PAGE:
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Federal Budget 

Federal Finance Minister and Deputy Prime Minister Chrystia Freeland delivered the 2022 federal budget on April 7, 2022. The budget contains the following highlights that will be of interest to payroll professionals:

  • The budget did not propose any changes to Canada Pension Plan (CPP) contribution rates or personal income tax rates or to tax brackets.

    Budget documents stated that the Employment Insurance (EI) premium rate (for employees outside of Quebec) is projected to rise to $1.63 per $100 of insurable earnings in 2023, $1.68 in 2024, and $1.73 from 2025 to 2029. These are projected premium rates only and could change. The government froze the premium rate at $1.58 from 2020 to 2022.

  • The budget proposes that the federal government examine the feasibility of implementing a new minimum tax regime for personal income tax. Budget documents noted that the current alternative minimum tax (AMT), which helps to prevent those in the highest income brackets from using the tax system to lower their federal tax, has not been significantly updated since it was introduced in 1986. As a result, the budget noted that there are still many wealthy Canadians who pay no or little personal income tax each year. The government said it would provide details on its plans in its 2022 fall economic and fiscal update. 

  • The budget proposes amendments to the Canada Labour Code, which applies to federally regulated private-sector workplaces. Budget documents stated that the government would amend the Code to provide more support for employees who experience a miscarriage or a stillbirth. Late last year, Parliament passed legislation that, once in force, will allow employees to take up to eight weeks of bereavement leave if their child dies or they experience a stillbirth. Budget documents did not indicate whether the government was planning to make further changes to these amendments.

    The budget also proposes to make minor changes to the Act to Amend the Criminal Code and the Canada Labour Code (Bill C-3) to allow for the implementation of paid medical leave for federally regulated workers. Bill C-3 received royal assent on December 17, 2021. Once the sick leave amendments are in force, federally regulated employees will be entitled to up to 10 days of paid medical leave per year.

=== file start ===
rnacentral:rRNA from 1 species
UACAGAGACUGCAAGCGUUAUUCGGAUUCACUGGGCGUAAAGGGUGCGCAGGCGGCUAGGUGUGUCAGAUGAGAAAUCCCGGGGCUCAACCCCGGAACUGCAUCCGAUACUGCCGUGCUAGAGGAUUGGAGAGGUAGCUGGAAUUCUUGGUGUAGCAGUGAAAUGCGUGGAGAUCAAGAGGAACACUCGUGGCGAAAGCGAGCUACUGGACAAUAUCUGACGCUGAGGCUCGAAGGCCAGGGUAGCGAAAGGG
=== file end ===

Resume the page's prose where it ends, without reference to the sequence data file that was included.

• Previously Announced Tax Proposals: Budget documents confirmed the government’s intention to move forward with Income Tax Act amendments proposed earlier this year, including electronic filing and certification of tax and information returns, including the T4A, and fixing contribution errors in registered pension plans.
    • CRA-collected Data: The budget proposes amendments to the Canada Pension Plan to allow Employment and Social Development Canada to use data that the Canada Revenue Agency (CRA) has collected when doing policy analysis, reporting and evaluations of the CPP.
    • CPP: The budget proposes technical amendments to the Canada Pension Plan to ensure that eligibility and benefits are properly calculated for individuals who qualify for post-retirement disability benefits and child-rearing and disability drop-ins.
    • EI Sickness Benefits: Budget documents noted that the federal government would increase EI sickness benefits from 15 to 26 weeks this summer. The documents also reiterated that the government would release its long-term plan on EI reform once it completed consultations.
    • Pension Plans: The budget proposes amendments to the Pension Benefits Standards Act, 1985 and the Pooled Registered Pension Plans Act to improve governance and administration of the plans and introduce a new framework for solvency reserve accounts.
    • Employment Equity: The budget proposes to provide $1.9 million in 2022-23 so that a government-appointed task force can complete its review on how to update the federal Employment Equity Act. The review began last summer. A final report is expected in the fall.
    • Tax Avoidance and Evasion: Beginning in 2022-23, the budget proposes to provide $1.2 billion over five years to the CRA so that it can expand its audits of larger entities and non-residents taking part in aggressive tax planning, increase its investigations and prosecutions of criminal tax evasion, and expand educational outreach programs.
    • EI Support for Seasonal Workers: The budget proposes to extend until October 2023 temporary EI benefit rules that allow seasonal workers in 13 regions of the country to receive up to five extra weeks of EI benefits, to a maximum of 45 weeks. The government said the extension would apply while it considers long-term solutions for seasonal workers. The timing of COVID-19 benefits would not affect future EI eligibility.